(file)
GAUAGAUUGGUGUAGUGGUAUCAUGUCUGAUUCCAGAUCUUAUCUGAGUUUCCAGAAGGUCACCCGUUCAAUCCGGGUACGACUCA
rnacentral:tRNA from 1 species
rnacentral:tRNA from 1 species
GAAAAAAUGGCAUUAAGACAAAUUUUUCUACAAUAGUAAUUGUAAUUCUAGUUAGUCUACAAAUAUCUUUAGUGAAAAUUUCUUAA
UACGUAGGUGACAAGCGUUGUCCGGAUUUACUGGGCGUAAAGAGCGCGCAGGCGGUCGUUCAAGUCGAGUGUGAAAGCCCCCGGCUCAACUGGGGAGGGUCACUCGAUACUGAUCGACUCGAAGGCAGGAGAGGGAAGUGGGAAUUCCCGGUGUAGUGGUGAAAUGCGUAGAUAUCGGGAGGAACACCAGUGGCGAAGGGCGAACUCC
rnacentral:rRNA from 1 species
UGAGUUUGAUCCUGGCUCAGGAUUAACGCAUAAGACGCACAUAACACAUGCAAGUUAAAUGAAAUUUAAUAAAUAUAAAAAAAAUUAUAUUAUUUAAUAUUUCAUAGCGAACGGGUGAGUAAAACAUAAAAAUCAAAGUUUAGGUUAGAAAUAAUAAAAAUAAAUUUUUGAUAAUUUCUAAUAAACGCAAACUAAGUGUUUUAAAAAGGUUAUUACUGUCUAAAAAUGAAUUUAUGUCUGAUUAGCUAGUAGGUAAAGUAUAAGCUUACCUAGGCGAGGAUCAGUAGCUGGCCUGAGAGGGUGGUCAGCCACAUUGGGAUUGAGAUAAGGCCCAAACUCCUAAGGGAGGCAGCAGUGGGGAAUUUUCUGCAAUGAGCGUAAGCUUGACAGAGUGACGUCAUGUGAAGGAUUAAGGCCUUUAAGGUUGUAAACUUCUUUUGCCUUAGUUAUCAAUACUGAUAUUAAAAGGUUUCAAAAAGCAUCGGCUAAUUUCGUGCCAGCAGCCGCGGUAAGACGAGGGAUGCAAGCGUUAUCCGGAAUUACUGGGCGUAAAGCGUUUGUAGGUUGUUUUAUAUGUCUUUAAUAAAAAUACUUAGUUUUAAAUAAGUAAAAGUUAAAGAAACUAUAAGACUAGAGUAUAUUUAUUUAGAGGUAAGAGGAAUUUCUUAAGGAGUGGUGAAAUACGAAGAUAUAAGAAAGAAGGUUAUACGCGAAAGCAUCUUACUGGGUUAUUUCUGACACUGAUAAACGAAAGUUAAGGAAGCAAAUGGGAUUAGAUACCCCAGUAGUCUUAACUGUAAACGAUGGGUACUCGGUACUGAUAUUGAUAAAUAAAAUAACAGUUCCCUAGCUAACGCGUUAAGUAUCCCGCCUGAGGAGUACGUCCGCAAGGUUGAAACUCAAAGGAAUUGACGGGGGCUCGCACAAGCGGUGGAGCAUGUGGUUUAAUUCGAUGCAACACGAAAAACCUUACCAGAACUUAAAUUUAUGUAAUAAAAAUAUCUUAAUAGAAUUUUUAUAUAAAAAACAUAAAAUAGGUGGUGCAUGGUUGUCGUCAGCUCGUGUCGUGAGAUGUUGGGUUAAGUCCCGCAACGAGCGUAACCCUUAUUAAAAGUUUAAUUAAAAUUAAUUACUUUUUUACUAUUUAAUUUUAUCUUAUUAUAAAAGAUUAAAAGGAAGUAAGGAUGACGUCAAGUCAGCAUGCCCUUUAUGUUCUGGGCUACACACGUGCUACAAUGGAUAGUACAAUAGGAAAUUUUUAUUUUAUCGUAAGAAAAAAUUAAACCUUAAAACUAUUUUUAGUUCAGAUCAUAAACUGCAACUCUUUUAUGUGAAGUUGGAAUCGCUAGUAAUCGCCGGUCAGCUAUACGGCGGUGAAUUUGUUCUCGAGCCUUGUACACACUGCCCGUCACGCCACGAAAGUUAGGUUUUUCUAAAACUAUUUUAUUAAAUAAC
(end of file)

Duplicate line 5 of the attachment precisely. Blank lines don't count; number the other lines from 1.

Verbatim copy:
UACGUAGGUGACAAGCGUUGUCCGGAUUUACUGGGCGUAAAGAGCGCGCAGGCGGUCGUUCAAGUCGAGUGUGAAAGCCCCCGGCUCAACUGGGGAGGGUCACUCGAUACUGAUCGACUCGAAGGCAGGAGAGGGAAGUGGGAAUUCCCGGUGUAGUGGUGAAAUGCGUAGAUAUCGGGAGGAACACCAGUGGCGAAGGGCGAACUCC